Judge threatens mistrial in Fong Lee case


Day two of the Fong Lee trial apparently started off exactly where it left off — with U.S. District Court Judge Paul Magnuson extremely pissed off. This morning he threatened to declare a mistrial in the civil case and force the attorneys for Lee’s family to cover all costs of the proceeding, according to Rochelle Olson’s excellent play-by-playover at the Star Tribune.

The legal mischief started late yesterday afternoon when attorney Michael Padden, who is representing Lee’s family, flashed a photo of his bullet-riddled corpse on a projection screen in the courtroom. Lee’s family, who were seated in the courtroom, began to audibly sob.

The problem with the grisly picture: it hadn’t been admitted into evidence and therefore shouldn’t have been shown to the jury. Padden claimed it was an innocent mistake.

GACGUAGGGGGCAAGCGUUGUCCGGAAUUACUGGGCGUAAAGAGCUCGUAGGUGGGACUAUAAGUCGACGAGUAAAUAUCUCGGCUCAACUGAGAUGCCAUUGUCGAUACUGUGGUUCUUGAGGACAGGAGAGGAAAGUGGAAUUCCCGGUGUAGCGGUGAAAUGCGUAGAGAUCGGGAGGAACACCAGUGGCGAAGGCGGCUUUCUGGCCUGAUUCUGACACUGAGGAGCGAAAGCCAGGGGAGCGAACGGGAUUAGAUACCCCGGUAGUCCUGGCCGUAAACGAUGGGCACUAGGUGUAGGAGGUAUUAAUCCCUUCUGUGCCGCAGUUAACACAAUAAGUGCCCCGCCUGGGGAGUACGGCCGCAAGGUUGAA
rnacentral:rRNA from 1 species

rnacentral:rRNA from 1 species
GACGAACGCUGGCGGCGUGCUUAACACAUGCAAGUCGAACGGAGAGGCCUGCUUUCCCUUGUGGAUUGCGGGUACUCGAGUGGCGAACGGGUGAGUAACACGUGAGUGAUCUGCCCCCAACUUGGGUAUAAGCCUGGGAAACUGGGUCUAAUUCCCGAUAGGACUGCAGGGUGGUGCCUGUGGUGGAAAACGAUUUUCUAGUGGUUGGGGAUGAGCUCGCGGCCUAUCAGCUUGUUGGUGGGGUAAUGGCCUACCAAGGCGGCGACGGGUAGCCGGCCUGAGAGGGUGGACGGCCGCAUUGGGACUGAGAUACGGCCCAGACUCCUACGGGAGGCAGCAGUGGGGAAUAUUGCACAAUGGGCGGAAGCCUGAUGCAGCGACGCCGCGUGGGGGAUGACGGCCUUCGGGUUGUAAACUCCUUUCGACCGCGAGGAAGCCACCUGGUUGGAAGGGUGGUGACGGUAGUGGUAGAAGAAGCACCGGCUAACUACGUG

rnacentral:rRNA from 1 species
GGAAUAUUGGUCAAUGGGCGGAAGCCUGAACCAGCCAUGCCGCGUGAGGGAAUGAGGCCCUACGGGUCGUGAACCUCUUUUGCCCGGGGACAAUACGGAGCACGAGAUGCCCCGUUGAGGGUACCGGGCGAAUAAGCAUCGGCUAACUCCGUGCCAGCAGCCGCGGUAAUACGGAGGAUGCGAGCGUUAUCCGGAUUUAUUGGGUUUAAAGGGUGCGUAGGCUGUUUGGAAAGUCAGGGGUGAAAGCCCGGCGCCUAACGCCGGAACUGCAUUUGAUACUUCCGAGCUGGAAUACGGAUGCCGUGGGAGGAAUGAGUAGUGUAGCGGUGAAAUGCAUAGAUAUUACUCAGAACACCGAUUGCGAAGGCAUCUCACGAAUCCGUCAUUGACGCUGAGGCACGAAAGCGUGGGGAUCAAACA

Judge Magnuson apparently wasn’t buying it. “Let’s be candid,” Magnuson said. “You’ve lost my trust, and you’re going to earn it back. It’s as simple as that.”

Magnuson offered a similar tongue-lashing at the close of yesterday’s proceedings. “To spring something like that is incredible,” Magnuson told Padden, according to the account by David Hanners, who has been relentlessly bird-dogging the case for the Pioneer Press. “And to spring something like that on a jury without it being in evidence is wrong. It’s wrong. It’s just the wrong thing to do.”

The civil suit stems from the 2006 shooting of Lee by Minneapolis police officer Jason Andersen at CityView Performing Arts Magnet school on the city’s North Side. The 19-year-old was shot eight times and died at the scene. The cops insist that Lee was carrying a handgun and that Andersen only fired because he feared for his life. But the attorneys for Lee’s family contend that there was no such gun and that police planted the weapon after the fact to cover up the officer’s fatal mistake.



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